Sidney Fox’s Crime (Above the Stag Theatre)

Posted: April 22, 2022 in Theatre
Photo: PBGstudios

Writer and director: Glenn Chandler


There are countless examples of injustices against homosexual men in the years up to the 1960s. Many have been officially acknowledged and rectified in small part with posthumous pardons, but others lie buried more deeply in the annals of legal history. Writer/director Glenn Chandler sets out to throw light on one such case with his gripping, but slightly ambiguous 70-minute drama.

In the 1920s, Sidney Fox travels around South-East England with his mother, staying either in hotels without paying the bills or, in his case, in prison. The story begins with the young man standing accused of matricide by setting fire to Mum’s Margate hotel room a few hours before an insurance policy on her life is due to expire. The play asks whether he can possibly get a fair trial when prejudice against his class and sexual orientation are stacking the odds so heavily against him.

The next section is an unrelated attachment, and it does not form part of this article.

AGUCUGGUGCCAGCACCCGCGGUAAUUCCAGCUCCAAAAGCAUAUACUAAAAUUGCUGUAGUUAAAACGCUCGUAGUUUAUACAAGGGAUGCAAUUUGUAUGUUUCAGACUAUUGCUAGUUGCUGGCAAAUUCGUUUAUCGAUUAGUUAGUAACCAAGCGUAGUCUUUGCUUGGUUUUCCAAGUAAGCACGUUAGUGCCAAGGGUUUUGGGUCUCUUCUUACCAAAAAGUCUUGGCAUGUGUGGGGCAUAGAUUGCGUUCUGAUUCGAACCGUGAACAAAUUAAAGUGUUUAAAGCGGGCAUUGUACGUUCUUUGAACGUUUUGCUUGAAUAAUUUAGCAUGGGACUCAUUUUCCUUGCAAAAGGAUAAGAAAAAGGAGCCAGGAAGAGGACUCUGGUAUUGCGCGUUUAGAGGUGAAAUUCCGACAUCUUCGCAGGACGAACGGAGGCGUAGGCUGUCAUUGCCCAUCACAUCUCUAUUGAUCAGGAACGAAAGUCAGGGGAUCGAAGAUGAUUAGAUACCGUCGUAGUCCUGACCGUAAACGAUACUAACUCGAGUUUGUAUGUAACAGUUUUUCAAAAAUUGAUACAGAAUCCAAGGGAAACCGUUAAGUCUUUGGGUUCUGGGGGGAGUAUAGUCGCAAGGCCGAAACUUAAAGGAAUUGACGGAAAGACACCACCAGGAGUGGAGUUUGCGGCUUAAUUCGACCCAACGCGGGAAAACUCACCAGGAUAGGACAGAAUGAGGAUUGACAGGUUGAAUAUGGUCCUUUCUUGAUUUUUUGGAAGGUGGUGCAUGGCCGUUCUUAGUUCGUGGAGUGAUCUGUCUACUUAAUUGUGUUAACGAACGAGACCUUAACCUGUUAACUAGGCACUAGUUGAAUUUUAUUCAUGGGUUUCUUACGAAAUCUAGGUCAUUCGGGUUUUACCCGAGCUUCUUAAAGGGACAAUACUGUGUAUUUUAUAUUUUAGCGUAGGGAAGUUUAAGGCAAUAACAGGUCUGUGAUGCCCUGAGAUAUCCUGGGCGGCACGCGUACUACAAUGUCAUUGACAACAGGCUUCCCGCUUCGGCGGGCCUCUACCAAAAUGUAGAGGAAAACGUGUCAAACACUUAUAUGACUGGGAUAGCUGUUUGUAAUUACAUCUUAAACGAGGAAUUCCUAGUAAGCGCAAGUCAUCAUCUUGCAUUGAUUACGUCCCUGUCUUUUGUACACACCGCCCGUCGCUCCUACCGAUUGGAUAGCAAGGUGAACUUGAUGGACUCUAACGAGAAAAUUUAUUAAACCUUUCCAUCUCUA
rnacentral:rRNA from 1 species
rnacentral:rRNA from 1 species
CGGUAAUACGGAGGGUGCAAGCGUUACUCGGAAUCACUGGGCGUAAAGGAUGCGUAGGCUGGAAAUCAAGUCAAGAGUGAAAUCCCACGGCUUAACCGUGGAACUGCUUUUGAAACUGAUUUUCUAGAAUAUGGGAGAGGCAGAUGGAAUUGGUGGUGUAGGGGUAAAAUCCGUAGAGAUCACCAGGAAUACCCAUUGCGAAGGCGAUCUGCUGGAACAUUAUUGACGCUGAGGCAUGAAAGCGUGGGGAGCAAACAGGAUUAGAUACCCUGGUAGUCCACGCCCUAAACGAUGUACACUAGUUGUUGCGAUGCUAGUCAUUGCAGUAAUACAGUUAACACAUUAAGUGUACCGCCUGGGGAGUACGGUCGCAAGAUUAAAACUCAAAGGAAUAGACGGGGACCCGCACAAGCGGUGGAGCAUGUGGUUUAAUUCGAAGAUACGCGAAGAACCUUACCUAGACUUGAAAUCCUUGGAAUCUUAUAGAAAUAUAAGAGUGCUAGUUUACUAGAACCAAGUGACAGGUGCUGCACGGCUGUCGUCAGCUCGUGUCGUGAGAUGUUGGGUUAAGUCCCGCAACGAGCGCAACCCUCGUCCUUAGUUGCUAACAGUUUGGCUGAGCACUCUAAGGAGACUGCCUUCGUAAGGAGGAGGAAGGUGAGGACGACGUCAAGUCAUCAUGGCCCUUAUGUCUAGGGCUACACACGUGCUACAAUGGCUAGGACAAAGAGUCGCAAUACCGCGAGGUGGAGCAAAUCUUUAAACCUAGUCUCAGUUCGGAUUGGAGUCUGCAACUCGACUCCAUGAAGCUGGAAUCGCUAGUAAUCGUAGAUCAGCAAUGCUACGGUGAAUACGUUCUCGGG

Sidney Fox is a prostitute, an habitual thief and a compulsive liar, so what’s not to like about him? Sebastian Calver counters the facts by making the character a loveable rogue, exuding boyish charm; this is all fine, except that there are few signs of the steel that Sidney would have needed to come through in his tough lifestyle. His close relationship with his mother, Rosaline (his “pal”), is touching and amusing, Amanda Bailey giving her maternal warmth and, crucially, a twinkle of mischief in the eye.

Mark Curry plays Cassels, a barrister who is not quite a fully paid-up member of the establishment, but who plays their game anyway, rounding off Chandler’s solid production. The audience is being asked to act as a jury, judging not guilt or innocence, but whether or not the trial process is fair. The whole point of the drama is to demonstrate the existence of prejudice, but does Chandler make his case beyond reasonable doubt? In Scotland, where this play premiered in 2021, the verdict would be “not proven”.

Performance date: 21 April 2022

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